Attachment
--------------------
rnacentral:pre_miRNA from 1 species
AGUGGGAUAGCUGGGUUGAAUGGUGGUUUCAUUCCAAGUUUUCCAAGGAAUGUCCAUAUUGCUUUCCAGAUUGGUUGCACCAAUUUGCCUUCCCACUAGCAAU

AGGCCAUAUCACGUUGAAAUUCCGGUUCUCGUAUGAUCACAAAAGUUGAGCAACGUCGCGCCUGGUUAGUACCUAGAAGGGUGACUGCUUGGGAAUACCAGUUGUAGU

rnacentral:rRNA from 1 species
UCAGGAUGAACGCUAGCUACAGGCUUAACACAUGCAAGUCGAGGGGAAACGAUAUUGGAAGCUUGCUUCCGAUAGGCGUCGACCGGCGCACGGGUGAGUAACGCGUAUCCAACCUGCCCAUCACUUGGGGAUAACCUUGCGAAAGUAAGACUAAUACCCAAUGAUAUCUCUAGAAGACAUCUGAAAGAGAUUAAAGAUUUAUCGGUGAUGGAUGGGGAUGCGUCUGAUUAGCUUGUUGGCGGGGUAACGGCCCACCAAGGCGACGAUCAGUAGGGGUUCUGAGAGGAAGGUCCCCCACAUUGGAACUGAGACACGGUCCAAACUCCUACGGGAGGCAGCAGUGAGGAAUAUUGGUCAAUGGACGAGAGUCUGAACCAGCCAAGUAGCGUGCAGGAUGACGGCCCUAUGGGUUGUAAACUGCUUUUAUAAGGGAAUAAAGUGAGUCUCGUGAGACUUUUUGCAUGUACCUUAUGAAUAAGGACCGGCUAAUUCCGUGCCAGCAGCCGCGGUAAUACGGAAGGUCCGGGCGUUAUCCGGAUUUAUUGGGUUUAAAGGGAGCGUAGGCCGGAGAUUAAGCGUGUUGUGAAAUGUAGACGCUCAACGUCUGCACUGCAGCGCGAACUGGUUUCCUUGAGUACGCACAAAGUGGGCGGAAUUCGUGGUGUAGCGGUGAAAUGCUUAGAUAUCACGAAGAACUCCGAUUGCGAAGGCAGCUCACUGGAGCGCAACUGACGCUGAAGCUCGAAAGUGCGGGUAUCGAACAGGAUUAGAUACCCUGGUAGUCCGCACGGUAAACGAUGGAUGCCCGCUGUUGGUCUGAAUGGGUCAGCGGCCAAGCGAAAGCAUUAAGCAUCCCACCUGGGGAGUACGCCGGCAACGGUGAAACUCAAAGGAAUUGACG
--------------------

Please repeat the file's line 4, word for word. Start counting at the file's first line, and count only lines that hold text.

rnacentral:rRNA from 1 species